Health Care & Medical Practice in India

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Indrad
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Re: Health Care & Medical Practice in India

Post by Indrad » Sun Jan 14, 2018 8:52 pm

Patna: FIR fired against hospital management & nurse owner posing as doctor for keeping woman patient captive for non payment of bill

PATNA: A woman allegedly held captive by the management of a private hospital here for 12 days was rescued on Sunday after the intervention of Madhepura MP Rajesh Ranjan alias Pappu Yadav. The patient was kept confined for not paying the hospital bill of Rs 70,000 after delivering a stillborn.
On November 12, Lalita Devi, a resident of Chaura village in Madhepura district, was admitted to Maa Sheetla Emergency Hospital in Agam Kuan area where she delivered a stillborn. "Post treatment, Lalita was asked to pay Rs 1.5 lakh by the hospital. When she delivered a stillborn child, however, the hospital agreed to discharge her for Rs 70,000," said a police officer.


To arrange such a huge sum, Lalita's seven-year-old son Kundan took to begging on the streets while her husband Nirdhan Ram somehow managed to collect Rs 50,000 from well-wishers. The amount still fell short and the hospital refused to discharge Lalita, the officer added.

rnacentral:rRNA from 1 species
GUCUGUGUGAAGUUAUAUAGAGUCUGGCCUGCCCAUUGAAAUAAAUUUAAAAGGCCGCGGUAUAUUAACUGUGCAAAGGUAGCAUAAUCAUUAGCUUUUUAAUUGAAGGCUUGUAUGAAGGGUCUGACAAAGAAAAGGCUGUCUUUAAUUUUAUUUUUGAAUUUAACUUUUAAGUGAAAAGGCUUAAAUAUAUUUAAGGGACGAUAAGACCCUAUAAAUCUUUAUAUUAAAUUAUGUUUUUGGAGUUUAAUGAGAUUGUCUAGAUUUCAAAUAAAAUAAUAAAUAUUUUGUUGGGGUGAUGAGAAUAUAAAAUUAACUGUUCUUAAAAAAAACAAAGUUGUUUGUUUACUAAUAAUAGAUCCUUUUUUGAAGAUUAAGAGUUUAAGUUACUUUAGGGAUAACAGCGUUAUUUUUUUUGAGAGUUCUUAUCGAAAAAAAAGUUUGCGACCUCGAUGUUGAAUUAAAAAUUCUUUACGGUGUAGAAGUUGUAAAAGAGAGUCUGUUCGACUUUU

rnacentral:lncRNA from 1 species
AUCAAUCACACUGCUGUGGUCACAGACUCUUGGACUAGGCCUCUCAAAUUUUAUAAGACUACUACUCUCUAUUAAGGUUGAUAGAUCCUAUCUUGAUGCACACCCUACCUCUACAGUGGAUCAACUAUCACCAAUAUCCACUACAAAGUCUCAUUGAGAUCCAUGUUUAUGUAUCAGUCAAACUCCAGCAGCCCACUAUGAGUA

The detention came to light when some local dailies reported Kundan's ordeal about how he was compelled to beg in order to raise money for his mother's discharge.

"Lalita was subsequently rescued under police observation and sent to her native place in an ambulance with a constable and a nurse. I will ask the Madhepura civil surgeon to take care of her," Patna civil surgeon Dr Pramod Jha said.


A case was lodged against the hospital owner Nisha Bharti for posing as a doctor — despite only having done a general nursing and midwifery course — and running the hospital without a registration. Police detained Bharti for interrogation. "Primary investigation revealed that Bharti is the owner of the nursing home. During questioning, however, she claimed to be a part of the hospital administration," Agam Kuan SHO Kamakhya Narayan Singh said.

https://timesofindia.indiatimes.com/cit ... 811568.cms

Indrad